The new release of the hdhomerun_config GUI detects and
manages the programs itself - use the program pull-down box in hdhomerun_config
to select the program.
To me, that's a very good indication as to the support for this
Using with MythTV
This is what most users will be using the HDHomeRun for.
Instructions on installing MythTV using Ubuntu Linux can be found here and here, though I personally used MythTV for Mandriva 2007 for this article.
Instructions for setting up the HDHomeRun with MythTV can be found here. The instructions in the Silicon Dust forums were accurate
and easy to follow, and the configuration only took a couple of minutes.
The picture quality using the HDHomeRun with MythTV was
quite impressive. Using the same PBS HD channel above, I noticed a few hiccups
upon first launching MythTV, but those were most likely due to the fact that I
was running both the Myth backend and frontend on my Dell laptop. After a few
seconds, the hiccups went away, and the picture was smooth and clear; I noticed
none of the "scan lines" that were noted above with VLC.
Note for QAM (digital cable) users: In order for QAM to work with MythTV, you need to be using the "0.20 fixes" version of MythTV, not the "0.20 first release" version.
I didn't mention this earlier, but I noticed quite a bit of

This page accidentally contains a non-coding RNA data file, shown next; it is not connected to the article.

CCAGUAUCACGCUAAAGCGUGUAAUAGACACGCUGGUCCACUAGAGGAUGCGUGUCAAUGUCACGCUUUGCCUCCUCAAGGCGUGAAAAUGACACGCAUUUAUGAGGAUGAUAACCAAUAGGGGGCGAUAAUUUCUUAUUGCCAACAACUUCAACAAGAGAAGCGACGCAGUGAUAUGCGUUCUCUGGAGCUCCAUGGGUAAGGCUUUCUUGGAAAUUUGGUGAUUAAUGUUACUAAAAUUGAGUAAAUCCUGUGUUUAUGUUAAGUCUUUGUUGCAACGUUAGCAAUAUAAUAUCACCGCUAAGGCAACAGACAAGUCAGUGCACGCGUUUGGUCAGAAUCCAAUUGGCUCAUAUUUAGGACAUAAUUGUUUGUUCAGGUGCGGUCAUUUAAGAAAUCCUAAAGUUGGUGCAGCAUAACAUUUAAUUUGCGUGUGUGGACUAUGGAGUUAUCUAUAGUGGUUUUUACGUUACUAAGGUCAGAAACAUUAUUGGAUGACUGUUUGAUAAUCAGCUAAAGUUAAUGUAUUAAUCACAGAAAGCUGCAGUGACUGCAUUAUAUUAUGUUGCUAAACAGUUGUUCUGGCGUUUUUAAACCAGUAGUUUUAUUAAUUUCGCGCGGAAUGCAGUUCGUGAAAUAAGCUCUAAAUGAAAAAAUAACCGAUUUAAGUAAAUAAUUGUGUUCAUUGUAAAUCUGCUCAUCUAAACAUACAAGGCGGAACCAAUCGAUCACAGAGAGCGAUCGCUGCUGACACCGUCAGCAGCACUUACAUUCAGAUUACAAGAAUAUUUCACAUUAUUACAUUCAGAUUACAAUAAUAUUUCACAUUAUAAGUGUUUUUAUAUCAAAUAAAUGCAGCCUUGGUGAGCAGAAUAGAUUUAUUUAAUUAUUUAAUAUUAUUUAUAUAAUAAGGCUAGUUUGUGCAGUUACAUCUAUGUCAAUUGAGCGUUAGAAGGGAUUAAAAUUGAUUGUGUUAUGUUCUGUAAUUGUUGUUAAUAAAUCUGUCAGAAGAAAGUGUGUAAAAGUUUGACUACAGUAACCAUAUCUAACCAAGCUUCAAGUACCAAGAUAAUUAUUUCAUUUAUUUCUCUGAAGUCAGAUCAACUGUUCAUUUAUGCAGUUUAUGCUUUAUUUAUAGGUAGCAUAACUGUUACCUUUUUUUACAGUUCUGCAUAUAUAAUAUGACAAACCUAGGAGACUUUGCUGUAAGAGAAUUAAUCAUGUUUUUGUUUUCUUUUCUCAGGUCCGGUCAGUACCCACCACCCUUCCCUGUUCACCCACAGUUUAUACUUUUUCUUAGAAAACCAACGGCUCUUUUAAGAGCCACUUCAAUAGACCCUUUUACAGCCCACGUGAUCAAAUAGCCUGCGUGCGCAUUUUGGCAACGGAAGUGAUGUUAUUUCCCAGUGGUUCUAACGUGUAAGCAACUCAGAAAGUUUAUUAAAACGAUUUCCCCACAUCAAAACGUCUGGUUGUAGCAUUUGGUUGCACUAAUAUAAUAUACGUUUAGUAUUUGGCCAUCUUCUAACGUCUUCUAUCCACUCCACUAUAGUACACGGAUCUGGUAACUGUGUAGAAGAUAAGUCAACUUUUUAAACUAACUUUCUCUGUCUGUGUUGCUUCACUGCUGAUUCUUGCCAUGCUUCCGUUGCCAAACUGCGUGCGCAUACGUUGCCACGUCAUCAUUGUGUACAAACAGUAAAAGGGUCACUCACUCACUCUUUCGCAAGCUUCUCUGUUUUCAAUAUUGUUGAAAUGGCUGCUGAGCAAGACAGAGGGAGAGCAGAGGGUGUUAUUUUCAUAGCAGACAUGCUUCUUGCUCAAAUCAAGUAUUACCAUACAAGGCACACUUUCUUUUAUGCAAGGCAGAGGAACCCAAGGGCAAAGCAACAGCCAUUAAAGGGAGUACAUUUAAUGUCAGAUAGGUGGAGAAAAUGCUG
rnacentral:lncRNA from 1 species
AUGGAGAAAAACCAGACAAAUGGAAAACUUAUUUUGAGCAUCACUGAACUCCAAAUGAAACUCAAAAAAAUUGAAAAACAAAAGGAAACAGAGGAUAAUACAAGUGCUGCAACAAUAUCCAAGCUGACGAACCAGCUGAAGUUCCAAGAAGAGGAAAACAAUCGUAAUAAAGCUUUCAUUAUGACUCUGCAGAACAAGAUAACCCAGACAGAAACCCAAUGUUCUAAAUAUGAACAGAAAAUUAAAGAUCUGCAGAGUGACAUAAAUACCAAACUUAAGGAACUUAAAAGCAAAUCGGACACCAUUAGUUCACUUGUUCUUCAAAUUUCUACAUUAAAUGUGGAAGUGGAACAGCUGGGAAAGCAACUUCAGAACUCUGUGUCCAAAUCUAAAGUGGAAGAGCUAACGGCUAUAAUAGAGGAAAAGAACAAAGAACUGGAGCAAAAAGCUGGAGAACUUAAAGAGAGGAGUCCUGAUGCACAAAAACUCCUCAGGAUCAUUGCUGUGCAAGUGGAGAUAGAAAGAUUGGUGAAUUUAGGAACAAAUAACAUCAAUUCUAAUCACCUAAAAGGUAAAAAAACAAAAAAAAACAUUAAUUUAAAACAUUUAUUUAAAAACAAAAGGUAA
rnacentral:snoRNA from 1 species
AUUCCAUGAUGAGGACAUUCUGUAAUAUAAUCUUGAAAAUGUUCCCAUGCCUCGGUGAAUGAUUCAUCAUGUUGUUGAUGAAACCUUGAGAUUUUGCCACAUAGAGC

stuttering in the picture and sound when using a wireless connection (802.11g)
to connect to the HDHomeRun (both VLC and MythTV). The stuttering went away
after I connected my laptop directly to an ethernet switch. In other words, I
don't recommend using the unit with a wireless connection, especially if you
plan on using it to record programs. If you look at the HDHomeRun Config screenshot
above, you'll notice that the stream is over 18 Mb, so 802.11b is totally out
of the question. This is from Nick ("jafa") at the Silicon Dust forums:
The official position is that you can't stream hi-def video over B/G wireless.
There is one thing I wished this unit would do: send OTA (or
digital cable) channels over the internet (placeshifting), a function supported by a Slingbox. As one could guess by the size of the stream above, the
bandwidth requirements would be much greater than most home internet
connections would be able to handle. Someone in the Silicon Dust forums noted
that the ability to placeshift with this unit was left out for legal reasons.
Since the HDHomeRun plugs into your network, there is no
opening of a computer case required, and there is minimal configuration of
software required to use the unit. In other words, for the easiest method of
recording OTA programming with your homebrew DVR, get this unit. I just read
another thread in the Silicon Dust forums that was started two days ago. A user
found a bug in the HDHomeRun Config, and a fix for the problem was released -
the same day. Now that's support!
After writing this article, I decided to try the HDHomeRun with my home
theater PC, which is connected to my HDTV and Onkyo receiver. The
picture quality is on par with the OTA tuner in my DirecTV HR10-250,
which yields a picture that is considerably better than DirecTV's HD programming.